“We, the people, declare today that the most evident of truths—that all of us are created equal—is the star that guides us still, just as it guided our forebears through Seneca Falls and Selma and Stonewall,” the president said, taking a rapt country on a riveting trip to key theaters in the struggle for liberty and justice for all.
Seneca Falls is a New York town where, in 1848, the women’s suffrage movement gathered momentum. Selma is an Alabama city where, in 1965, marchers amassed, blood was shed and the Rev. Dr. Martin Luther King Jr. stood his ground against the unconscionable oppression of black Americans.
And Stonewall? This was the surprise inclusion, separating Obama’s oratory and presidency from his predecessors’ diction and deeds. It alludes to a gay bar in Manhattan that, in 1969, was raided by police, who subjected patrons to a bullying they knew too well. After the raid came riots, and after the riots came a more determined quest by L.G.B.T. Americans for the dignity they had long been denied.
The causes of gay Americans and black Americans haven’t always existed in perfect harmony, and that context is critical for appreciating Obama’s reference to Stonewall alongside Selma. Blacks have sometimes questioned gays’ use of “civil rights” to describe their own movement, and have noted that the historical experiences of the two groups aren’t at all identical. Obama moved beyond that, focusing on the shared aspirations of all minorities. It was a big-hearted, deliberate, compelling decision.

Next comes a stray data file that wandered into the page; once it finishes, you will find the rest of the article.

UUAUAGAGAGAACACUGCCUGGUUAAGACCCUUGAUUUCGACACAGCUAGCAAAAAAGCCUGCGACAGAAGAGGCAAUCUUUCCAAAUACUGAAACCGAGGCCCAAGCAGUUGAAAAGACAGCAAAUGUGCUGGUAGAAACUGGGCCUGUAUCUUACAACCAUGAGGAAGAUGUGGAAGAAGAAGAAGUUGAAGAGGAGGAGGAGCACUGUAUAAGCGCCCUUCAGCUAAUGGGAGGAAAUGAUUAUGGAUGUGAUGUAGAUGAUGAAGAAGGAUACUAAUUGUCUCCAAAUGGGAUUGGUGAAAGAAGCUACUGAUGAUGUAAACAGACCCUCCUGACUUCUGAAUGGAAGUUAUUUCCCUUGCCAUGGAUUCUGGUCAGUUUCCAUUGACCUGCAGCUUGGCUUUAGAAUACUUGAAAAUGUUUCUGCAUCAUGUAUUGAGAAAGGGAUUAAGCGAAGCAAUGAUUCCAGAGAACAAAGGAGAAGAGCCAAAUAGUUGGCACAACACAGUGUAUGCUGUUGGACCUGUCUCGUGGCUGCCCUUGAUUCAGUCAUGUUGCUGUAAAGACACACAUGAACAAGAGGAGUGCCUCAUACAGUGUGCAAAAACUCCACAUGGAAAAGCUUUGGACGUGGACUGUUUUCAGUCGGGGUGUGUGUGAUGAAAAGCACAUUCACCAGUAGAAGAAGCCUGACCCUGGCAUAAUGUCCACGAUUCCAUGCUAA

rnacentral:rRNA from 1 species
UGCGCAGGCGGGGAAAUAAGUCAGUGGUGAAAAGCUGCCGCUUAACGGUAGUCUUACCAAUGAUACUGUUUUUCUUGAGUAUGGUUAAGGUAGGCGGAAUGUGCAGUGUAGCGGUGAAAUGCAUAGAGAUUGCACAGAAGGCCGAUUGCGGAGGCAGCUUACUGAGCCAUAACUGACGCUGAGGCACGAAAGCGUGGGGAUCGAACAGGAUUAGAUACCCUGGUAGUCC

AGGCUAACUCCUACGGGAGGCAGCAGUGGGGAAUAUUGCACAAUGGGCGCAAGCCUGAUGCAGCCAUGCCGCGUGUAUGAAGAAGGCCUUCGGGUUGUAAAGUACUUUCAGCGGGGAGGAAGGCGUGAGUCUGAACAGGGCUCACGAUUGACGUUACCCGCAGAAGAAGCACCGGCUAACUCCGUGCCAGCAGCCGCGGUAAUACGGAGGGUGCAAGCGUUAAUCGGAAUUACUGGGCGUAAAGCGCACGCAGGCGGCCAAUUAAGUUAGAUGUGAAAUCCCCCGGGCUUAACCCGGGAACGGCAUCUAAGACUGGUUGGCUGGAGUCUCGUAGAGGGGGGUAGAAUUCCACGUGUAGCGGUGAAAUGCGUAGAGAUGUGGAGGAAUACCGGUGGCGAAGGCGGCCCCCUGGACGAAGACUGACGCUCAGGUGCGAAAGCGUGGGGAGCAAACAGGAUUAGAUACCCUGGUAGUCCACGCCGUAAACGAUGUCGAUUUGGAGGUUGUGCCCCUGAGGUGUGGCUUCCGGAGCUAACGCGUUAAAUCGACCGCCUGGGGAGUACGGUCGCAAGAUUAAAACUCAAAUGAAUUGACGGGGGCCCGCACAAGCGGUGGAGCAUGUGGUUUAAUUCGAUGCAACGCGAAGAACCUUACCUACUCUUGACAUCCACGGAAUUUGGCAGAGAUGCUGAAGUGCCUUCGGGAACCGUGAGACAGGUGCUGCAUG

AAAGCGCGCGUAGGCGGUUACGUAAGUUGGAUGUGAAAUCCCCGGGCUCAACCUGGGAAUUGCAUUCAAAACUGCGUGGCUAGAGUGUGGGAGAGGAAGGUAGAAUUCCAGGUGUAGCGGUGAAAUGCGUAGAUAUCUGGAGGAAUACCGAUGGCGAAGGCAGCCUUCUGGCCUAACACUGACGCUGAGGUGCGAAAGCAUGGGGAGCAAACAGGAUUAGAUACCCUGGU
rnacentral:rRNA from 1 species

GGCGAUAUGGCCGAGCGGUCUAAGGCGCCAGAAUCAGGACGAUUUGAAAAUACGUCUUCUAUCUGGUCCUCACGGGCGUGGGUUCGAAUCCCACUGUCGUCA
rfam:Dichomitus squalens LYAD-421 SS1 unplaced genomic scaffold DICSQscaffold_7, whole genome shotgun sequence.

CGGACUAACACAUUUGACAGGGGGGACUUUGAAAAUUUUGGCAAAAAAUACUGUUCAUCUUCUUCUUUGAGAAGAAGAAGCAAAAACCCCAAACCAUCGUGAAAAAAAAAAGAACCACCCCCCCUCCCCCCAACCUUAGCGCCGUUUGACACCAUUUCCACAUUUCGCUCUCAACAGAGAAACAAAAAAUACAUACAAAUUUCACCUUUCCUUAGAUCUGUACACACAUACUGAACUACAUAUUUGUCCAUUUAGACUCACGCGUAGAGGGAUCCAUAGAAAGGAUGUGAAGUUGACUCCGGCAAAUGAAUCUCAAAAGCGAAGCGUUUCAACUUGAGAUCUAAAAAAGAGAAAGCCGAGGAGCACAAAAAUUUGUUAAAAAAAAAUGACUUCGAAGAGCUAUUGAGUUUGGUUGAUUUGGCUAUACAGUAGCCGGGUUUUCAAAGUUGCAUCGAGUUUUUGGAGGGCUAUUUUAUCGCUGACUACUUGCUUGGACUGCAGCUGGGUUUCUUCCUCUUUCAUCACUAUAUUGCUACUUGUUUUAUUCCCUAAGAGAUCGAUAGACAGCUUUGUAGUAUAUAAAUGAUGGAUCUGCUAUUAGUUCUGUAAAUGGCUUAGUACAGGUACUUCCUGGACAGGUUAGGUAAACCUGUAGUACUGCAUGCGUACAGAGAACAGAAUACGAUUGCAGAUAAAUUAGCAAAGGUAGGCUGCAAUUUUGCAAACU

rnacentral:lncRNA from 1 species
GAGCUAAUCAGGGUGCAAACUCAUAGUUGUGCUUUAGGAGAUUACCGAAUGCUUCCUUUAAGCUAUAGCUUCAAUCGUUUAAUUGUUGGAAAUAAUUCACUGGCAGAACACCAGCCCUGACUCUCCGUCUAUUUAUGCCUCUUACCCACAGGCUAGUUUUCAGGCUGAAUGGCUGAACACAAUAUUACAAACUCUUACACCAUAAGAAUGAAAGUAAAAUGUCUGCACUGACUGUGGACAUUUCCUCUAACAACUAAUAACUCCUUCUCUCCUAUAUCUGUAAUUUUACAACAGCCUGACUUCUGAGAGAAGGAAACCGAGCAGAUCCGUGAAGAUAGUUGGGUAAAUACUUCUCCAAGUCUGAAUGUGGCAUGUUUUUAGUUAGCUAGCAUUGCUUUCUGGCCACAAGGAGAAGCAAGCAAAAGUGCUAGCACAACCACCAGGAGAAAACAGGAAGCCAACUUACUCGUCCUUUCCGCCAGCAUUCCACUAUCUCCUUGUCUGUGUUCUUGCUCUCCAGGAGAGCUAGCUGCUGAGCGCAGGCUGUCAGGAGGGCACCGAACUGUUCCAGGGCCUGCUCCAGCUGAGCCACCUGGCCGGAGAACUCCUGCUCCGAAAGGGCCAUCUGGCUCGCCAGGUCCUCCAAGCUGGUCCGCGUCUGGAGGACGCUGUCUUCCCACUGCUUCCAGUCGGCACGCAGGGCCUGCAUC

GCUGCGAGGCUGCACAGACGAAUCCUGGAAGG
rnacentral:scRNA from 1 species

It's a good thing the NYPD didn't raid the End Up or the Manhole on that sweltering night in 1969. From the Wiki page for the Stonewall Riots:
When the first patrol wagon arrived, Inspector Pine recalled that the crowd—most of whom were homosexual—had grown to at least ten times the number of people who were arrested, and they all became very quiet. Confusion over radio communication delayed the arrival of a second wagon. The police began escorting Mafia members into the first wagon, to the cheers of the bystanders. Next, regular employees were loaded into the wagon. A bystander shouted, "Gay power!", someone began singing "We Shall Overcome", and the crowd reacted with amusement and general good humor mixed with "growing and intensive hostility." An officer shoved a transvestite, who responded by hitting him on the head with her purse as the crowd began to boo.... A scuffle broke out when a woman in handcuffs was escorted from the door of the bar to the waiting police wagon several times. She escaped repeatedly and fought with four of the police, swearing and shouting, for about ten minutes. Described as "a typical New York butch" and "a dyke—stone butch," she had been hit on the head by an officer with a billy club for, as one witness claimed, complaining that her handcuffs were too tight. Bystanders recalled that the woman, whose identity remains unknown, sparked the crowd to fight when she looked at bystanders and shouted, "Why don't you guys do something?"
After an officer picked her up and heaved her into the back of the wagon, the crowd became a mob and went "berserk."
"It was at that moment that the scene became explosive."
She was the mother—the stone butch mother—of our movement.